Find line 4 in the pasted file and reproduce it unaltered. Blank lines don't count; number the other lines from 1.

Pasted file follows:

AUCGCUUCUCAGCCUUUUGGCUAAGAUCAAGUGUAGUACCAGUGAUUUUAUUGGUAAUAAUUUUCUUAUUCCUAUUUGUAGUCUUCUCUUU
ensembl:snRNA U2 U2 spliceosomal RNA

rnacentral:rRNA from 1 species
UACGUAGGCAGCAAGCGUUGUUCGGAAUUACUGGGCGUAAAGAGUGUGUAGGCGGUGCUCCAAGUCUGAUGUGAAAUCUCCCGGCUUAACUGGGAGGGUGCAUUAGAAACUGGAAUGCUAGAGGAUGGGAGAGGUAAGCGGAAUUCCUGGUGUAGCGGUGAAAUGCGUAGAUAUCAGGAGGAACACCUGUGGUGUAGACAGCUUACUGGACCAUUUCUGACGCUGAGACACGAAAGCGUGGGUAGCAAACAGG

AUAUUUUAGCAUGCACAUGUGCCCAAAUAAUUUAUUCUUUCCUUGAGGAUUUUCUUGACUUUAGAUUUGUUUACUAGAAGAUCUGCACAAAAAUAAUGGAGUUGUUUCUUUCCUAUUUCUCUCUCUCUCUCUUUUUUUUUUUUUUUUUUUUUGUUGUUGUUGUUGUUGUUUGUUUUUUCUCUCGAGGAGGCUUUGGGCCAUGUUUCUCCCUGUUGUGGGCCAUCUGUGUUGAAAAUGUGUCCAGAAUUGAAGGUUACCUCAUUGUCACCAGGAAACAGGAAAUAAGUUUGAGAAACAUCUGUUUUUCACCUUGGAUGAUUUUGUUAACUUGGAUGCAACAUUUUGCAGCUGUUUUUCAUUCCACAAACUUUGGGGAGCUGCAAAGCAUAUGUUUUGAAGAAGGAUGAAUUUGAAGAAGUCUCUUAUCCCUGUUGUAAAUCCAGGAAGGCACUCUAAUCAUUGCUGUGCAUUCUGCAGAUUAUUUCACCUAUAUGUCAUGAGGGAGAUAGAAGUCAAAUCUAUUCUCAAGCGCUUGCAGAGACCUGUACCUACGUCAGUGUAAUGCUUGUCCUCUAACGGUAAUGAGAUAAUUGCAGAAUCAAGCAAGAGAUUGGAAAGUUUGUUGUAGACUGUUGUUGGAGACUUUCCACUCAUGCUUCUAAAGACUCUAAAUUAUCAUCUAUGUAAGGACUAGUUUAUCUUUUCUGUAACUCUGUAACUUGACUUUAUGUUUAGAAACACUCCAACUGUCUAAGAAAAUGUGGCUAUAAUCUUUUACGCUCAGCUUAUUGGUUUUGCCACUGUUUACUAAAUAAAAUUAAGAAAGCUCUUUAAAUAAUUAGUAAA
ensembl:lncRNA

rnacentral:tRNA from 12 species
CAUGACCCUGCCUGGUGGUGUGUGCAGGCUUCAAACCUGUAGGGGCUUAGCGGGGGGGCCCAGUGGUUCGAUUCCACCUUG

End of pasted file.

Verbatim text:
UACGUAGGCAGCAAGCGUUGUUCGGAAUUACUGGGCGUAAAGAGUGUGUAGGCGGUGCUCCAAGUCUGAUGUGAAAUCUCCCGGCUUAACUGGGAGGGUGCAUUAGAAACUGGAAUGCUAGAGGAUGGGAGAGGUAAGCGGAAUUCCUGGUGUAGCGGUGAAAUGCGUAGAUAUCAGGAGGAACACCUGUGGUGUAGACAGCUUACUGGACCAUUUCUGACGCUGAGACACGAAAGCGUGGGUAGCAAACAGG